The Ontological Argument

This is the thirteenth in a series of posts responding to a list of 20 arguments for the existence of god from this article. To be fair, the article does state that these arguments don’t make a case except when taken all together, using the metaphor of a rope, but I am analyzing them individually so I have responses when I encounter the argument later in other sources.

The ontological argument was devised by Anselm of Canterbury (1033-1109), who wanted to produce a single, simple demonstration which would show that God is and what God is. Single it may be, but far from simple. It is, perhaps, the most controversial proof for the existence of God. Most people who first hear it are tempted to dismiss it immediately as an interesting riddle, but distinguished thinkers of every age, including our own, have risen to defend it. For this very reason it is the most intensely philosophical proof for God’s existence; its place of honor is not within popular piety, but rather textbooks and professional journals. We include it, with a minimum of discussion, not because we think it conclusive or irrefutable, but for the sake of completeness.

Anselm’s Version

  1. It is greater for a thing to exist in the mind and in reality than in the mind alone.
  2. “God” means “that than which a greater cannot be thought.”
  3. Suppose that God exists in the mind but not in reality.
  4. Then a greater than God could be thought (namely, a being that has all the qualities our thought of God has plus real existence).
  5. But this is impossible, for God is “that than which a greater cannot be thought.”
  6. Therefore God exists in the mind and in reality.

It’s nice of Peter Kreeft to admit how weak this argument is. I’ll show why in a bit, but I want to quote the other versions of the argument he lists.

Charles Hartshorne and Norman Malcolm developed this version of the ontological argument. Both find it implicitly contained in the third chapter of Anselm’s Proslogion.

  1. The expression “that being than which a greater cannot be thought” (GCB, for short) expresses a consistent concept.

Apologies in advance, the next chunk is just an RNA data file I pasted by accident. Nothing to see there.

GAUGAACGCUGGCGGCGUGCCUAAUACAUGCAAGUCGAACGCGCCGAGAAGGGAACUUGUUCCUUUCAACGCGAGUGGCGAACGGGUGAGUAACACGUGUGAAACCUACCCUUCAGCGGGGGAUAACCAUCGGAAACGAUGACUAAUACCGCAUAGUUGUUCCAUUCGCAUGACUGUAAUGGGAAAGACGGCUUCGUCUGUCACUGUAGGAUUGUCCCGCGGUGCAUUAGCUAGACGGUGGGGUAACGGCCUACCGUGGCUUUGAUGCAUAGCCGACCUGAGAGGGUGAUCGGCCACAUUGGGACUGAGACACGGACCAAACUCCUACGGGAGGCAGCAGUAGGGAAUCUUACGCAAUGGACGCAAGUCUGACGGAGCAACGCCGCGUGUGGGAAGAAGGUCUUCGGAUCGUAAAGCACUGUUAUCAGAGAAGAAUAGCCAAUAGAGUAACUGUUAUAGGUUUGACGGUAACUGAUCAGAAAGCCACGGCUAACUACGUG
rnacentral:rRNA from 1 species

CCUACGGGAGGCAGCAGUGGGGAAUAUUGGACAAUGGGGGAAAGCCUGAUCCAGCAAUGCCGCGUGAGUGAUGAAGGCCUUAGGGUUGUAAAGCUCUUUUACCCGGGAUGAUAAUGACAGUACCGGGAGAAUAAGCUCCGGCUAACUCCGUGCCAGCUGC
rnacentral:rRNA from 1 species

2. GCB cannot be thought of as: a. necessarily nonexistent; or as b. contingently existing but only as c. necessarily existing.
  3. So GCB can only be thought of as the kind of being that cannot not exist, that must exist.
  4. But what must be so is so.
  5. Therefore, GCB (i.e., God) exists.

This version is not really different, as far as I can tell. As you’ll be able to tell if you click the link, I’m skipping the questions because they are not my objections and I see no need to address them.

This variation on the modal version has been worked out in great detail by Alvin Plantinga. We have done our best to simplify it.

Definitions:

Maximal excellence: To have omnipotence, omniscience and moral perfection in some world.

Maximal greatness: To have maximal excellence in every possible world.

  1. There is a possible world (W) in which there is a being (X) with maximal greatness.
  2. But X is maximally great only if X has maximal excellence in every possible world.
  3. Therefore X is maximally great only if X has omnipotence, omniscience and moral perfection in every possible world.
  4. In W, the proposition “There is no omnipotent, omniscient, morally perfect being” would be impossible—that is, necessarily false.
  5. But what is impossible does not vary from world to world.
  6. Therefore, the proposition, “There is no omnipotent, omniscient, morally perfect being” is necessarily false in this actual world, too.
  7. Therefore, there actually exists in this world, and must exist in every possible world, an omnipotent, omniscient, morally perfect being.

Now, here’s my response to all of these phrasings:

  1. The greatest being I can conceive as existing, a maximally great being having omnipotence, omniscience, and moral perfection, would not permit evils such as child rape, child cancer, earthquakes, birth defects, or tsunamis in any world.
  2. Evils such as child rape, child cancer, earthquakes, birth defects, and tsunamis do exist in the only word we are sure exists.
  3. Therefore, that being (god) cannot exist.

The theist can only respond two ways: abandon the Ontological Argument, or say that it is greater to allow child rape (and those other evils) than prevent it.

My morals do not allow permitting child rape. If you agree that that is the most moral position on the issue, you must admit that your god, should he exist, is less moral than I am, not all-powerful, or not all-knowing, and therefore cannot be proved by the ontological argument. If you disagree, please reconsider, as you are saying that hurting children or allowing them to be hurt by not interfering is or can be superior to saving them.

I see little reason to waste further words on my own rebuttal to this argument; others have surely done better. Although, I will call bullshit on every possible world having the same set of impossible things (number 5 in Plantinga’s version). We have no way of knowing that and no reason to assume it.


2 thoughts on “The Ontological Argument

  1. The ontological argument is just behind the presuppositional argument on my list of “worst arguments in apologetics.” Both simply try to define God into existence, although the ontological argument at least has the decency to make an attempt at rationality.

    1. Agreed. The ontological argument is a real argument, although one quite easy to refute on multiple levels. Presuppositional apologetics cannot possibly convince anyone who doesn’t already believe on some level, I would think.

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